Counter-Strike: Source

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Counter-Strike: Source
Counter-Strike Source (box art).jpg
Developer(s) Valve Corporation
Turtle Rock Studios
Publisher(s) Valve Corporation
Series Counter-Strike
Engine Source
Platform(s) Microsoft Windows, Mac OS X, Linux
Release
Genre(s) First-person shooter
Mode(s) Multiplayer

Counter-Strike: Source is a remake of Counter-Strike using the Source game engine. As in the original, Counter-Strike: Source pits a team of counter-terrorists against a team of terrorists in a series of rounds. Each round is won either by completing an objective (such as detonating a bomb or rescuing hostages) or by eliminating all members of the enemy team.

Gameplay[edit]

A screenshot from the map "cs_italy", the player is holding a M4A1.

Counter-Strike: Source retains its team-based objective-orientated first-person shooter style gameplay. The aim of playing a map is to accomplish a map's objective: defusing the bomb, rescuing all hostages, or killing the entire opposing team. The ultimate goal of the game is to win more rounds than the opposing team. Once players are killed, they do not respawn until the next round, though this depends on which server people play on. This gameplay feature distinguishes Counter-Strike from other first-person shooter games, where players respawn instantly or after a short delay.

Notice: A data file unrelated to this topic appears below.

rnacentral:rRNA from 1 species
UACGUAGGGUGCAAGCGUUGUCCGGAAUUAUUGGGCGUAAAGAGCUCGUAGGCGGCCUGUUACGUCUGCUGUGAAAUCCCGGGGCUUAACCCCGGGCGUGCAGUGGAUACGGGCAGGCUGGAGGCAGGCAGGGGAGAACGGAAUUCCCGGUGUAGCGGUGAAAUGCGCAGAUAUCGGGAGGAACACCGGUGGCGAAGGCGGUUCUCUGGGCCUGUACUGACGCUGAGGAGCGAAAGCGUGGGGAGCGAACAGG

Shooting while moving dramatically decreases accuracy, and holding the trigger down to continuously shoot produces severe recoil. The severity of damage induced by weaponry is dependent upon the specific locations of hits, with hits to the head being most lethal and shots which make contact elsewhere causing lesser loss of health. Damage is also affected by the distance, and if the target wears protection.

History[edit]